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Three Cheers to Our Mentors: Helping Build Small Business Success

By: Susan Solovic

 

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In my career, I’ve been blessed to have relationships with a number of people that have been down the same path I was, or am, taking. They’ve been experienced, successful and willing to provide advice and guidance to me—for no real personal or monetary gain. They are my mentors, without whom I would not have reached the level of success I have today. A mentor is someone who has been there before, done that before, and wants you to avoid the pitfalls and perils he or she experienced. Mentors are imperative to the success of any entrepreneur. And each January, we recognize these indispensable members of the community.

 
January is national mentoring month. Created in 2002 by the Harvard School of Public Health and MENTOR: The National Mentoring Partnership, National Mentoring Month focuses national attention on the need for mentors, as well as how each of us can work together to increase the number of mentors to assure positive outcomes. NMM celebrates mentoring and the positive effect it can have on young lives. There’s even a “Thank Your Mentor Day,” taking place on Thursday, January 16, 2014. Recognize the mentors in your life by sending them a thank you card, giving them a call, or telling them thank you on social media using #SomeoneWhoMatters. If you don’t have a mentor, whether you’re a new or somewhat seasoned entrepreneur, it’s high time you find one.
 
Every new business owner, or someone thinking about starting his or her own business, needs a mentor. The experience I had with various mentors throughout my life was so fantastic that I chose to become a mentor myself. Sometimes, the toughest part is finding one. The U.S. Small Business Association has some tips for finding and working with a mentor for your small business. They are:
 
1. Government-Sponsored Mentor Organizations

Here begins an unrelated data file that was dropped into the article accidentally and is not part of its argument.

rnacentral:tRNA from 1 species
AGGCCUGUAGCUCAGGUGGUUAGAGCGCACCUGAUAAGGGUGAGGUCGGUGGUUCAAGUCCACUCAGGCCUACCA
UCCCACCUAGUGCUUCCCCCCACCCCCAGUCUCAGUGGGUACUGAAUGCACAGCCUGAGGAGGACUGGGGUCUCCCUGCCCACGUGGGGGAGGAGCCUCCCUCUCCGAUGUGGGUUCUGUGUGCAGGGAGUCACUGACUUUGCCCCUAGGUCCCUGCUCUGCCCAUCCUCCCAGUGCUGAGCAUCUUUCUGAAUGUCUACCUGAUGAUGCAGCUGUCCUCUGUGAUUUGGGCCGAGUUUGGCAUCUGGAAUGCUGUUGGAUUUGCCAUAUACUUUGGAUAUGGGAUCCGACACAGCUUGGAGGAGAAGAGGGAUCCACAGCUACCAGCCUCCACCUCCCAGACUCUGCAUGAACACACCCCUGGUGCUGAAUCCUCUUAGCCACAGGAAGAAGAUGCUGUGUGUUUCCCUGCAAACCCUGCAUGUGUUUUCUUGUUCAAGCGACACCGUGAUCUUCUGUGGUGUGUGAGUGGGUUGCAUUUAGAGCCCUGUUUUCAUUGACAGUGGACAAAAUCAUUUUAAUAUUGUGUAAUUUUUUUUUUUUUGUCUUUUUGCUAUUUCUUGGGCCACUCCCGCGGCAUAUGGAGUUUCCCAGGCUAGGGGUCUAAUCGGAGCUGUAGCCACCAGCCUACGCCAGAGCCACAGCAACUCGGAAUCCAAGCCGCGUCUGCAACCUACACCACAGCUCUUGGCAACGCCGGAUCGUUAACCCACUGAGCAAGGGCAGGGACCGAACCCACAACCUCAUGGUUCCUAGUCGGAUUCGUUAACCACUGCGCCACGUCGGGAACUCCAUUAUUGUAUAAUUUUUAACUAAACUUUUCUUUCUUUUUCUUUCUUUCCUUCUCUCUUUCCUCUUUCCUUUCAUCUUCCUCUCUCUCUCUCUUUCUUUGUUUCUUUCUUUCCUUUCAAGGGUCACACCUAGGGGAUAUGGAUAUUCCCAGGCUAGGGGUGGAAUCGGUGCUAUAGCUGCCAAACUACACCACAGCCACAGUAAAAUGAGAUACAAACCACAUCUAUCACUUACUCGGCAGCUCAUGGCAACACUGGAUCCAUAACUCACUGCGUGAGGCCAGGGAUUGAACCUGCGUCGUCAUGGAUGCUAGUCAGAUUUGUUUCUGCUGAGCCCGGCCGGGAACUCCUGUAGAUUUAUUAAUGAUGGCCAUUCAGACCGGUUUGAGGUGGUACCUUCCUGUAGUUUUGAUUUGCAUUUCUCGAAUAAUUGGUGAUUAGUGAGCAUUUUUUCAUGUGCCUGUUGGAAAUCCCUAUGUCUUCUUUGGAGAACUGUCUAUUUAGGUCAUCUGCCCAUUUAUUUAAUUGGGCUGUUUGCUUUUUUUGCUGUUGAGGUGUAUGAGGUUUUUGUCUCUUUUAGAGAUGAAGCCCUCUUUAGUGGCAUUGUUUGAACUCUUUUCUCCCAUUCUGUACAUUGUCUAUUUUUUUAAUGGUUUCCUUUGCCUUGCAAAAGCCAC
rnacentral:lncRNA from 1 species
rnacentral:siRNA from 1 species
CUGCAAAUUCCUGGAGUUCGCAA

You might be surprised, but the government offers a great deal of free resources, including Small Business Assistance and Training and Mentoring services to support small business owners, both online and locally. One organization in particular—SCORE—provides free and confidential counseling, mentoring and advice to small business owners nationwide. Sponsored by the SBA, SCORE volunteers share their expertise through in-person and online counseling. Your primary counselor will be your main point of contact, but they can and will help identify and introduce you to other specialists. Other government-sponsored sources of counseling and mentoring include, Small Business Development Centers, Women’s Business Centers, Veterans Business Outreach Centers, U.S. Export Assistance Centers, and Minority Business Development Centers.
 
2. Trade Associations
 
Many trade associations operate mentor-protégé programs that provide guidance to help you build your business. These mentoring programs are usually a combination of formal one-on-one mentoring sessions and group networking and discussion opportunities with fellow protégés.
 
3. Mentoring for Anyone Interested in Selling to the U.S. Government
 
This one can be a tough egg to crack, but there’s good news. The General Services Administration (GSA) offers a Mentor-Protégé Program specifically designed to encourage prime contractors to help small businesses. SBA also offers a Mentor Protege Program for participants in the 8(a) Business Development Program.
 
4. Look to Your Network
 
One of the best ways to find a mentor who knows your industry, your community, and comes with a great referral is to use your contacts lists. Whether there is a business owner you admire, or know someone in your old job that you respect and value for his business insight, ask that person to be your mentor.
 
If you’d like more information about National Mentoring Month, visit its website.
 
This article was originally published by Susan Solovic
Published: January 6, 2014
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Susan Solovic

Susan Wilson Solovic is an award-winning serial entrepreneur, New York Times, Wall Street Journal, Amazon.com and USA Today bestselling author, and attorney. She was the CEO and co-founder of SBTV.com—small business television—a company she grew from its infancy to a million dollar plus entity. She appears regularly as a featured expert on Fox Business, Fox News, MSNBC, CNN, CNBC and can be seen currently as a small business expert on the AT&T Networking Exchange website. Susan is a member of the Board of Trustees of Columbia College and the Advisory Boards for the John Cook School of Entrepreneurship at Saint Louis University as well as the Fishman School of Entrepreneurship at Columbia College. 

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